Vénézuéla, petite Venise [Venezuela, Little Venice] (1937) – Robert, Marquis de Wavrin*

Young Yukpa (Motilón) archer inspects the small birds he has shot – Vénézuéla, petite Venise (1937) – Robert, Marquis de Wavrin

53 mins, b&w, silent – extra-diegetic music, voice-over commentary in French

Source : CINEMATEK, Royal Film Archives of Belgium – DVD Collection, Marquis de Wavrin (2017)

Background – This film is much less accomplished,  in terms of both shooting and editing, than the Marquis de Wavrin‘s previous South American expedition films. As he does not appear in shot in these films, one is tempted to speculate that he shot this film himself, whereas in his other films, in which he does appear, he had someone with some expertise in shooting working for him. Certainly in this film, the camerawork is very amateurish, with many waving pans, unstable and lop-sided shots etc. The editing is similarly poor, with a high degree of redundancy in the material presented.

Nevertheless, when the film was premièred in Brussels in 1937 in the presence of King Leopold III, it was given many highly positive reviews in the local press. But there were also some dissenting voices, who compared de Wavrin’s film unfavourably with works by certain of his contemporaries, such as Charles Dekeukeleire’s Terres brûlées (1934) and  L’Ile de Pâques (1935) by John Fernhout and Henri Storck.

Film content – De Wavrin travelled to Venezuela in 1934, intent on discovering the source of the Orinoco, the only major river in the world whose source was unknown at that time. Unfortunately for him, unseasonally bad weather on the upper reaches of the river forced him to turn back before he had reached his destination.

This setback occurs about midway through the film. The  material that he had presented up until that point  had been decidedly limited, certainly from the point of view of the ethnography of the indigenous peoples of Venezuela.  In order to make something of his journey, it would appear, he then travelled to Western Venezuela and made contact with the ‘Motilones’ of the Sierra de Perijá (known today as the Yuko in Colombia, but as the Yukpa in Venezuela).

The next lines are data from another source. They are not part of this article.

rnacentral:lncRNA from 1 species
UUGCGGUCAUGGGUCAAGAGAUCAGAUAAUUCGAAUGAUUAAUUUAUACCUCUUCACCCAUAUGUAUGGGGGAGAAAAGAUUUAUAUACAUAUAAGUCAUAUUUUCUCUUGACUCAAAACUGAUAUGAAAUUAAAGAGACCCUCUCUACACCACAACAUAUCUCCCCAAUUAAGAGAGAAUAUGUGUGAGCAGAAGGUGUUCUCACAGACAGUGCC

This was the same group with whom he had spent some time on the Colombian side of the border during his previous trip to South America in 1932-1933. It was with them that he had shot some of the strongest ethnographic material that he had produced, notably the sequence of the secondary burial ceremony that he would later be obliged to cut from the Belgian edition of Chez les Indiens Sorciers.

Sadly, he was unable to produce any material of similar quality with the Yukpa, the Venezuelan ‘Motilones’. The second half of Vénézuéla is not much better than the first, consisting mostly of some footage of largely indifferent quality of day-to-day life in a Yukpa community.

This material culminates in a collective dance that in terms of costumes, face paint designs, musical instruments and dance steps is suggestive of outside influence, be it of the Yukpa’s neighbours, the Guajiro, the local criollo (non-indigenous) population or some combination of the two. It is even possible that it could have been organised by de Wavrin himself who might well have been very concerned by this point to film something more dramatic than the Yukpa’s normally more muted dancing performances.

The concluding five minutes of the film offer a series of shots of the houses on  stilts in the water of the Laguna de Sinamaica, north of Maracaibo. These houses are supposedly the origin of the name ‘Venezuela’, a term meaning literally  ‘Little Venice’. According to legend, on seeing these houses on stilts, this was the name given to the country by none other than Amerigo Vespucci himself. It is this legend that also accounts for the title of de Wavrin’s film.

The indigenous inhabitants of these houses are today known as the Añú (formerly as the Paraujano). But although de Wavrin offers us some interesting shots of the village from afar, and also of the Añú gathering reeds nearby, he never gets close to them and does not even name them. Instead, he merely questions whether these “prehistoric” structures can possibly resist modernity, as represented by the oil derricks elsewhere on Lake Maracaibo.

Text : Winter 2017




Yuko (Motilón) secondary burial ceremony, working copy (1934) – Marquis de Wavrin *

The bones of the deceased are wrapped in cloth – Yuko secondary burial ceremony, working copy (1934) – Marquis de Wavrin

9 mins., b&w, silent.

Source : CINEMATEK (Royal Film Archives of Belgium) – Marquis de Wavrin DVD collection.